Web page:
Headwind?

How much does headwind affect your time, run a 10k last night and was hoping to go under 50 mins. The 35-40 mph headwind for much of the course resulted in a very hard and slower time of 54mins.  Can it really have that much affect? Or just put it down to one of those nights. 

Comments

  • senidMsenidM ✭✭✭
    Has a real effect, try slip-streaming another runner, as you approach them its really hard going, but as you catch them up and run just behind them they seem to be going quite slow. Come back out and try to overtake into the wind and you'll notice the difference!

    Same as in cycling where in a Triathlon its illegal to slipstream; effect may not be as pronounced but it definitely gives you a rest and conserves energy to run just behind someone into a strong headwind.
  • GuarddogGuarddog ✭✭✭
    Headwind must have an effect. Think how easier it feels when you either come out of the wind or you have a following wind. And a 35-40 mph headwind is probably going to mean you're putting in more effort for the same speed. Whether it's 4 mins is a good question, but if it was over much of the course then it's possible.

    I know when I did the Eastbourne half this year the last two miles were running into headwinds gusting at 60-70 mph and I felt I wasn't getting anywhere.
  • <blockquote class="Quote">
    <div class="QuoteAuthor"><a href="/profile/Guarddog">Guarddog</a> said:</div>
    <div class="QuoteText">Headwind must have an effect. Think how easier it feels when you either come out of the wind or you have a following wind. And a 35-40 mph headwind is probably going to mean you're putting in more effort for the same speed. Whether it's 4 mins is a good question, but if it was over much of the course then it's possible.

    I know when I did the Eastbourne half this year the last two miles were running into headwinds gusting at 60-70 mph and I felt I wasn't getting anywhere.

    I run a half last month and thefirt six mile split was done in 50 mins, so last night I was expecting to easily go under it but wasn't to be. I honestly didn't think it would have affected my time that much but hey ho</div>
    </blockquote>
  • GuarddogGuarddog ✭✭✭
    There's a reason why F1 teams spend a lot of time and money testing their cars in wind tunnels  ;)

    At least you know next time you face those conditions that you should tuck in behind someone and let them take the strain. I've done that before and then stepped out when it's on the downwind part of the run. Benefit from fresher legs and the wind behind.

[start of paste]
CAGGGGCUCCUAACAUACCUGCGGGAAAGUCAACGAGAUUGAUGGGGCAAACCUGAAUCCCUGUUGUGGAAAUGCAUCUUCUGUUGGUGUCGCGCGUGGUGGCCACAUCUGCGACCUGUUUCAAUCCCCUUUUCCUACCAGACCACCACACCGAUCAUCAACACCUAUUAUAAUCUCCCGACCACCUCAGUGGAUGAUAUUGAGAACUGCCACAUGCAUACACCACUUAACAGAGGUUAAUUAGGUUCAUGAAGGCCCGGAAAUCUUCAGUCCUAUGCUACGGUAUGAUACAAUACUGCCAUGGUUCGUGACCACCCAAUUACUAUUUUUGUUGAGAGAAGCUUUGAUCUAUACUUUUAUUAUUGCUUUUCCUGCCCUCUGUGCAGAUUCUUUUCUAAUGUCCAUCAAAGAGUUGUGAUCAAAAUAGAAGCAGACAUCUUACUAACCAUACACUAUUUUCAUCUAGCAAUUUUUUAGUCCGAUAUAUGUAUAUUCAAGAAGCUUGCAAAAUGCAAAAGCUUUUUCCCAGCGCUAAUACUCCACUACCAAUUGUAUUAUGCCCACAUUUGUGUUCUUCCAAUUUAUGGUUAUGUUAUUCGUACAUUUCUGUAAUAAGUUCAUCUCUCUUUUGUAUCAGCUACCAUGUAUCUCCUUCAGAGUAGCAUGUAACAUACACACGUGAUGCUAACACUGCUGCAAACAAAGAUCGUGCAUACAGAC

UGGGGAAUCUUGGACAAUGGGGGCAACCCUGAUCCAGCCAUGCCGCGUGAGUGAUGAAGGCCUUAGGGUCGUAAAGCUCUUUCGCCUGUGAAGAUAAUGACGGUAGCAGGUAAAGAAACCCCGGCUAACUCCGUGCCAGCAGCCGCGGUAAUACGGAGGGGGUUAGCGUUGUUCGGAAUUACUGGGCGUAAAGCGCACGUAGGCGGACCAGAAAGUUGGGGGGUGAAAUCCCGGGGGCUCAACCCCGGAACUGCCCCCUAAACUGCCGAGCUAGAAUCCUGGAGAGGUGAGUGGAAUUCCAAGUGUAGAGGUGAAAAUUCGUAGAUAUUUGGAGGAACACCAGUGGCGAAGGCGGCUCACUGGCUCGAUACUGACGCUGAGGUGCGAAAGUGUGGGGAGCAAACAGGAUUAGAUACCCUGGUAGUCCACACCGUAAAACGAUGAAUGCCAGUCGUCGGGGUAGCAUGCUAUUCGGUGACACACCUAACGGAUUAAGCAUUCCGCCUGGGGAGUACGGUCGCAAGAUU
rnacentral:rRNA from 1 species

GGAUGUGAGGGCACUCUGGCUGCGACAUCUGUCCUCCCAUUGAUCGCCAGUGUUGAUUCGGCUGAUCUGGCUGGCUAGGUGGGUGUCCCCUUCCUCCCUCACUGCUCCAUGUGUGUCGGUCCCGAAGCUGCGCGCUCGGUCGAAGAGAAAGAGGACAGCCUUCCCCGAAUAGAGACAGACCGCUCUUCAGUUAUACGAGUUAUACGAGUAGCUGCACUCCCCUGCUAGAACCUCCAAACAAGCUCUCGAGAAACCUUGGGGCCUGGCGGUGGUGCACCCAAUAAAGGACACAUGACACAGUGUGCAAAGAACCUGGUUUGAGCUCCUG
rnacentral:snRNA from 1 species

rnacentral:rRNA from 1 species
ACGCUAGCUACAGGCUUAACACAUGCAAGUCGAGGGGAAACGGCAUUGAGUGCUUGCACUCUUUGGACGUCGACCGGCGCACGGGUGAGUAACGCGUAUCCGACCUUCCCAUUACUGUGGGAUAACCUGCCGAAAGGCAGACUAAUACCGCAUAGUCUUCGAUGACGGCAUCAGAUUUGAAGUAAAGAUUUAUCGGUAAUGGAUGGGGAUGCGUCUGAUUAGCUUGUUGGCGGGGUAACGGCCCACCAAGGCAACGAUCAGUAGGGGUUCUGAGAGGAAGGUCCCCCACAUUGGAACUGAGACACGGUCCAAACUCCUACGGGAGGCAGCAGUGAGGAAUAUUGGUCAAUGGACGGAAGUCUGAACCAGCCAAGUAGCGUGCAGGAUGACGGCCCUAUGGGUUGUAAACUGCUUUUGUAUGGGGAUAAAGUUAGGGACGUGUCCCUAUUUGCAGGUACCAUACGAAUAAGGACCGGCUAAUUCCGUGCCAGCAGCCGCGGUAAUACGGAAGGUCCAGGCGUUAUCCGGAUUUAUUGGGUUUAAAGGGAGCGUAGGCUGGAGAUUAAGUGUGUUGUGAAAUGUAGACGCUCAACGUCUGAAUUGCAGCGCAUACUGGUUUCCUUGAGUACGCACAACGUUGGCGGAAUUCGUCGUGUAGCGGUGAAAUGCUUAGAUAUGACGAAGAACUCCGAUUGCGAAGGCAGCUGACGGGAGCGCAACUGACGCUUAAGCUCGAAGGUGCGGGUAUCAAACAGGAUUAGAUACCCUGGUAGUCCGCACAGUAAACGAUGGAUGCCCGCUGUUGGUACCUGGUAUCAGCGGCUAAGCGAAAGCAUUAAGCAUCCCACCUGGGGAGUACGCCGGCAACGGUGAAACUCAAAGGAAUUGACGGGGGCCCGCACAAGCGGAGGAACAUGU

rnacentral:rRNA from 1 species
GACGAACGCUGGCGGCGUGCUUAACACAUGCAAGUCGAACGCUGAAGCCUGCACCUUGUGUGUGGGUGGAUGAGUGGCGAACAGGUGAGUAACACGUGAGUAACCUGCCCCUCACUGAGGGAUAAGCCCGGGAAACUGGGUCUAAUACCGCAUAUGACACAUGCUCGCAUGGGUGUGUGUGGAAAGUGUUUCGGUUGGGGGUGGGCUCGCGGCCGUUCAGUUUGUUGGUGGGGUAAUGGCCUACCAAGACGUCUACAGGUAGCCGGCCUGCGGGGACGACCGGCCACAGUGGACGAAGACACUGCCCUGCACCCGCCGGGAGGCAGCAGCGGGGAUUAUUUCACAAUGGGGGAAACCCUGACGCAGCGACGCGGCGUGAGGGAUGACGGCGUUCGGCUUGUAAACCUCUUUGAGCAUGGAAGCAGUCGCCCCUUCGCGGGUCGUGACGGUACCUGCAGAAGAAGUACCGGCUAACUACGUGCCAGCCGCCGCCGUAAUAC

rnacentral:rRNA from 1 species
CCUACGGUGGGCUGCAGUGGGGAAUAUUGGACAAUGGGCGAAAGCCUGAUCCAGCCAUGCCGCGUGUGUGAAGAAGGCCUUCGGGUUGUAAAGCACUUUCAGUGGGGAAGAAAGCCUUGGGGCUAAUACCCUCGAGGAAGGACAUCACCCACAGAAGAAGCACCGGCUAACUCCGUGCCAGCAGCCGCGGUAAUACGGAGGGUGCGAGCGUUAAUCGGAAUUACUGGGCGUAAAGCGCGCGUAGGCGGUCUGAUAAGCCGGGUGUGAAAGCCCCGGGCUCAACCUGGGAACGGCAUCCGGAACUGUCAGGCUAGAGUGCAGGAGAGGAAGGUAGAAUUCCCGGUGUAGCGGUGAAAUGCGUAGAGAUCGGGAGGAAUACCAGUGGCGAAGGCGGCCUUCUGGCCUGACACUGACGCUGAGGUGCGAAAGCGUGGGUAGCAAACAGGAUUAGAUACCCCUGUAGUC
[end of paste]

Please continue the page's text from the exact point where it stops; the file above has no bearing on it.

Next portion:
• Cal JonesCal Jones ✭✭✭
    God yes. I did Liverpool Rock 'n' Roll Marathon this year. I was around PB pace when I got to 22 miles, then hit the mother of all headwinds. Pace dropped from 9:30s and 40s to high 10s and even one 11 minute mile. Bye bye PB. It was like running into a wall.
  • The BusThe Bus ✭✭✭
    Drag increase as a square of the wind speed (and your running speed added together).  Double the combined speed and the drag quadruples.  This is why drag is much more of an issue for a cyclist than a runner, until the point where you are running into a head wind that is about cycling speed!!!

  • YnnecYnnec ✭✭✭
    The Bus said:
    Drag increase as a square of the wind speed (and your running speed added together).  Double the combined speed and the drag quadruples.  

    Image result for mind blown gif

     :) 
  • Would be interested to hear people’s view on the etiquette here? This week’s ParkRun was windy, so I tucked in behind another runner and let them do the work, then sprinted past her on the final straight. I’ve been ashamed ever since. I should have done some of the work, right? 
  • I have tucked in behind the odd runner as our park run in Fleetwood is always windy.I have found the wind from the sea to be more punishing than in parks etc.
  • GuarddogGuarddog ✭✭✭
    Might have been the gentlemanly thing to do, but I wouldn't beat yourself up over it. Parkrun is just a run, not a race, and it's about your own personal performance. And you never know, you hanging on to her shoulder may have meant she went faster to try and drop you and she may well have performed better than she'd planned to.
  • Yep, gotta hate those windy events. As said, get behind someone else :)
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